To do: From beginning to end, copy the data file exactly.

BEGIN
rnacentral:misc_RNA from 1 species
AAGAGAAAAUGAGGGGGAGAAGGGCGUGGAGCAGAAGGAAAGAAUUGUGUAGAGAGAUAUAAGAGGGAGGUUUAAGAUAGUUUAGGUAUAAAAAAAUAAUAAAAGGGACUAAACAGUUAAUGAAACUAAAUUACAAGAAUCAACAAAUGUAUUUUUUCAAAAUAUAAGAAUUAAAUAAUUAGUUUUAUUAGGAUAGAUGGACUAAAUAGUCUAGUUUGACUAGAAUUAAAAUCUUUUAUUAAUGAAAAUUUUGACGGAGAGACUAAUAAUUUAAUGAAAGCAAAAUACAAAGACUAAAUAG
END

rnacentral:misc_RNA from 1 species
AAGAGAAAAUGAGGGGGAGAAGGGCGUGGAGCAGAAGGAAAGAAUUGUGUAGAGAGAUAUAAGAGGGAGGUUUAAGAUAGUUUAGGUAUAAAAAAAUAAUAAAAGGGACUAAACAGUUAAUGAAACUAAAUUACAAGAAUCAACAAAUGUAUUUUUUCAAAAUAUAAGAAUUAAAUAAUUAGUUUUAUUAGGAUAGAUGGACUAAAUAGUCUAGUUUGACUAGAAUUAAAAUCUUUUAUUAAUGAAAAUUUUGACGGAGAGACUAAUAAUUUAAUGAAAGCAAAAUACAAAGACUAAAUAG